Undergraduate Course: Belief, Desire and Rational Choice (PHIL10159)
|School||School of Philosophy, Psychology and Language Sciences
||College||College of Arts, Humanities and Social Sciences
|Credit level (Normal year taken)||SCQF Level 10 (Year 4 Undergraduate)
||Availability||Available to all students
|Summary||This course provides an introduction into formal models of belief, desire, and rational choice: Bayesian epistemology, formal value theory, and decision theory.
This course uses lectures and tutorials to provide an introduction into formal models of belief, desire, and rational choice. The first part introduces Bayesian epistemology, where belief is treated as an attitude that comes in different degree of strength. Formalising this idea turns out to have rich applications in several areas of philosophy and science. In the second part, we turn to models of desire, drawing on utility theory in economics and value theory in philosophy. We will also look at interactions between desire and belief. The third part of the course introduces the basic concepts of decision theory, which formalises the intuition that rational agents do what they believe will bring them closer to satisfying their desires.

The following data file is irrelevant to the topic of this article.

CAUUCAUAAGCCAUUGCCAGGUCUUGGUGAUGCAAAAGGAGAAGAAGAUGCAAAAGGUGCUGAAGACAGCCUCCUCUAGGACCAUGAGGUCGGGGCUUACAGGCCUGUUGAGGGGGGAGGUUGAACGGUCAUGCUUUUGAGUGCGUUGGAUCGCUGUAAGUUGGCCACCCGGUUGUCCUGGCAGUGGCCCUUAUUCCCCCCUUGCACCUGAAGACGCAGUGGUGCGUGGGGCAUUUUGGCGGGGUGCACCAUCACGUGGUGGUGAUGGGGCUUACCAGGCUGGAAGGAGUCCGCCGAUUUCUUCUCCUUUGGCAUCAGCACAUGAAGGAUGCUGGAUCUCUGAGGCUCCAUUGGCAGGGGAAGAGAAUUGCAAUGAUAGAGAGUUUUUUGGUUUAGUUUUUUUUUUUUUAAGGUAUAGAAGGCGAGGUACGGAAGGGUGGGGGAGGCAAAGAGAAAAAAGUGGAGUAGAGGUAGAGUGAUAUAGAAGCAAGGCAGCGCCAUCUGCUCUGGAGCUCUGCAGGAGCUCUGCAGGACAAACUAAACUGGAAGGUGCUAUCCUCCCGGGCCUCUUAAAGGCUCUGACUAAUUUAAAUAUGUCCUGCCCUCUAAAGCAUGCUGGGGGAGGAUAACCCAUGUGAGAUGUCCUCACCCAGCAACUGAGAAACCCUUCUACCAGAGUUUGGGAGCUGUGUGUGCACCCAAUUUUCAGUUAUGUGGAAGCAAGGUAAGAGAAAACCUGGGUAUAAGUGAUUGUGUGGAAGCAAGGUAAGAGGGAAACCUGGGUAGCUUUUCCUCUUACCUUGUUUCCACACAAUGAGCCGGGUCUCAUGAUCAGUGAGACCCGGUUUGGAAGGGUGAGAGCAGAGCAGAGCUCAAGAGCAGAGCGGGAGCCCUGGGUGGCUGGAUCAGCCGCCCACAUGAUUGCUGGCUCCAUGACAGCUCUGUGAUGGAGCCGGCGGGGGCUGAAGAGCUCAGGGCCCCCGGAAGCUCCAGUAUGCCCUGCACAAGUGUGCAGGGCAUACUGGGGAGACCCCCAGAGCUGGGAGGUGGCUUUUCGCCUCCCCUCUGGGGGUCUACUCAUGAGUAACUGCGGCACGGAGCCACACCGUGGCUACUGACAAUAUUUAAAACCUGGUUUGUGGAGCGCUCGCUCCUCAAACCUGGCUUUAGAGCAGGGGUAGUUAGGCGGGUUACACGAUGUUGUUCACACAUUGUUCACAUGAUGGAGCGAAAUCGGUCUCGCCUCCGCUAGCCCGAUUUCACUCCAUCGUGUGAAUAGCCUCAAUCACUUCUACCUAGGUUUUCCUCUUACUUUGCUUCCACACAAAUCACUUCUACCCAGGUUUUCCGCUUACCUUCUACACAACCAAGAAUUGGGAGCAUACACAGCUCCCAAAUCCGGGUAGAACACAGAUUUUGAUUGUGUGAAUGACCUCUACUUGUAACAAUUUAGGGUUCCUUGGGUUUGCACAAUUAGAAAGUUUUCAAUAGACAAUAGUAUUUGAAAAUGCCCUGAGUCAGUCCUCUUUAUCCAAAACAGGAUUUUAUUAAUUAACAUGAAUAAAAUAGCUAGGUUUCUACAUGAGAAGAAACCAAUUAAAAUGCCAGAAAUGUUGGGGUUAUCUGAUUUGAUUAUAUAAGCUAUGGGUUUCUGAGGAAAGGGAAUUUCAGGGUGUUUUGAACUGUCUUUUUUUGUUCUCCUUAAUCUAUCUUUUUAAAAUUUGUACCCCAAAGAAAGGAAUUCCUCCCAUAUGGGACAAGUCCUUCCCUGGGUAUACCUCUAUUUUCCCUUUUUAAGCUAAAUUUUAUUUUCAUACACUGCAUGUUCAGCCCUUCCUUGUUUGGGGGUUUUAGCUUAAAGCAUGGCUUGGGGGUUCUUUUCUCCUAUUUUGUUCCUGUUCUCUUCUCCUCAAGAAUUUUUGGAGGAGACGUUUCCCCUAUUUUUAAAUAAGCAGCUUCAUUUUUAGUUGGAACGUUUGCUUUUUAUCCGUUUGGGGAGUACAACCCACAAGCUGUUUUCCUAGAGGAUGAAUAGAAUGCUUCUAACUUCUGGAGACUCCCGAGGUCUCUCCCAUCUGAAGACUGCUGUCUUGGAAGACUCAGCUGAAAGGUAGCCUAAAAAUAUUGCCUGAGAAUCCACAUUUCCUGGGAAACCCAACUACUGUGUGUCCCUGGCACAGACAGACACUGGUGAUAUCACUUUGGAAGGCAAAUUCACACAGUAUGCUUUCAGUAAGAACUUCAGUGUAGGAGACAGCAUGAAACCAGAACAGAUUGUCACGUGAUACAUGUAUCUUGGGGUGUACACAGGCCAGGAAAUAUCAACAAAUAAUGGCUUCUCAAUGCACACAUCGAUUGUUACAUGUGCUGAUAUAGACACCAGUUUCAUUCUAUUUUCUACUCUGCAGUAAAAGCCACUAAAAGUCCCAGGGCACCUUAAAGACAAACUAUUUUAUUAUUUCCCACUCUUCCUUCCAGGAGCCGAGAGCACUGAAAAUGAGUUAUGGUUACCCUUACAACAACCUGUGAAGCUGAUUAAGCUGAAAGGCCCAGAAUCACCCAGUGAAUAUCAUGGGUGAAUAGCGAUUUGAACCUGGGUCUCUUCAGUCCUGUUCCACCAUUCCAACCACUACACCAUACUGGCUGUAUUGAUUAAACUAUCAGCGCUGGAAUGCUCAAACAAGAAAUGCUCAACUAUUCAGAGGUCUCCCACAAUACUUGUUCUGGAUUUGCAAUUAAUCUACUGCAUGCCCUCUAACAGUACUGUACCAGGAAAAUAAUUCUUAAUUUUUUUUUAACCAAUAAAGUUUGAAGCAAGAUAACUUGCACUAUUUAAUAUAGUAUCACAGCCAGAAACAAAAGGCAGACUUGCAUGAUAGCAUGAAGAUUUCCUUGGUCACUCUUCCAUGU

Entry Requirements (not applicable to Visiting Students)
|| Students MUST have passed:
Logic 1 (PHIL08004)
||Other requirements|| None
Information for Visiting Students
|High Demand Course?
Course Delivery Information
|Academic year 2022/23, Available to all students (SV1)
|Learning and Teaching activities (Further Info)
Seminar/Tutorial Hours 22,
Programme Level Learning and Teaching Hours 4,
Directed Learning and Independent Learning Hours
|Assessment (Further Info)
|Additional Information (Assessment)
||Weekly take-home tests: 50%
Final essay (1500 words): 50%
|No Exam Information
On completion of this course, the student will be able to:
- Students will acquire a high-level grasp of formal epistemology, utility theory, and decision theory.
- Students will understand the purpose and limitations of formal models.
- Students will acquire basic skills in probabilistic reasoning
- Students will practice critical thinking, constructive discussion, and development of their own ideas.
- Students will practice their writing skills.
|Graduate Attributes and Skills
|Course organiser||Dr Wolfgang Schwarz
|Course secretary||Mr Peter Cruickshank
Tel: (131 6)50 3961